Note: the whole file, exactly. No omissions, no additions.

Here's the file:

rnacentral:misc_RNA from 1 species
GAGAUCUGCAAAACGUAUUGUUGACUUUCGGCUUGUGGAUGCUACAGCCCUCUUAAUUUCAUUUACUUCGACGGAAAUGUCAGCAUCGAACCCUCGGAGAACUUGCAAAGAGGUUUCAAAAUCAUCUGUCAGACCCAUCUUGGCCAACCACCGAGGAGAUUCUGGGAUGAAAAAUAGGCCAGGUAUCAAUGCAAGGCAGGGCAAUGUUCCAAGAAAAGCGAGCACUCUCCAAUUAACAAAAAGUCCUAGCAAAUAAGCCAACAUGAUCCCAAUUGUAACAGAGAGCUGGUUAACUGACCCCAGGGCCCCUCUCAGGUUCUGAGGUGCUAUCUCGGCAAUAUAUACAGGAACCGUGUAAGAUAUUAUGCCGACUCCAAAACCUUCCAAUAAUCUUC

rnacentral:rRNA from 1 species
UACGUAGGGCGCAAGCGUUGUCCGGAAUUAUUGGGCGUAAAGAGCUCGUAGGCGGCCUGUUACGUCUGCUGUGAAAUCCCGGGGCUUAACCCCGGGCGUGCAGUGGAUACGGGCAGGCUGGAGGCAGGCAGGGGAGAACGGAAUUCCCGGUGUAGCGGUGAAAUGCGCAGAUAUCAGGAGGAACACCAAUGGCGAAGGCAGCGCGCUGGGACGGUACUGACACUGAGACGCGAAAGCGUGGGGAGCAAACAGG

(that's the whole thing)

rnacentral:misc_RNA from 1 species
GAGAUCUGCAAAACGUAUUGUUGACUUUCGGCUUGUGGAUGCUACAGCCCUCUUAAUUUCAUUUACUUCGACGGAAAUGUCAGCAUCGAACCCUCGGAGAACUUGCAAAGAGGUUUCAAAAUCAUCUGUCAGACCCAUCUUGGCCAACCACCGAGGAGAUUCUGGGAUGAAAAAUAGGCCAGGUAUCAAUGCAAGGCAGGGCAAUGUUCCAAGAAAAGCGAGCACUCUCCAAUUAACAAAAAGUCCUAGCAAAUAAGCCAACAUGAUCCCAAUUGUAACAGAGAGCUGGUUAACUGACCCCAGGGCCCCUCUCAGGUUCUGAGGUGCUAUCUCGGCAAUAUAUACAGGAACCGUGUAAGAUAUUAUGCCGACUCCAAAACCUUCCAAUAAUCUUC

rnacentral:rRNA from 1 species
UACGUAGGGCGCAAGCGUUGUCCGGAAUUAUUGGGCGUAAAGAGCUCGUAGGCGGCCUGUUACGUCUGCUGUGAAAUCCCGGGGCUUAACCCCGGGCGUGCAGUGGAUACGGGCAGGCUGGAGGCAGGCAGGGGAGAACGGAAUUCCCGGUGUAGCGGUGAAAUGCGCAGAUAUCAGGAGGAACACCAAUGGCGAAGGCAGCGCGCUGGGACGGUACUGACACUGAGACGCGAAAGCGUGGGGAGCAAACAGG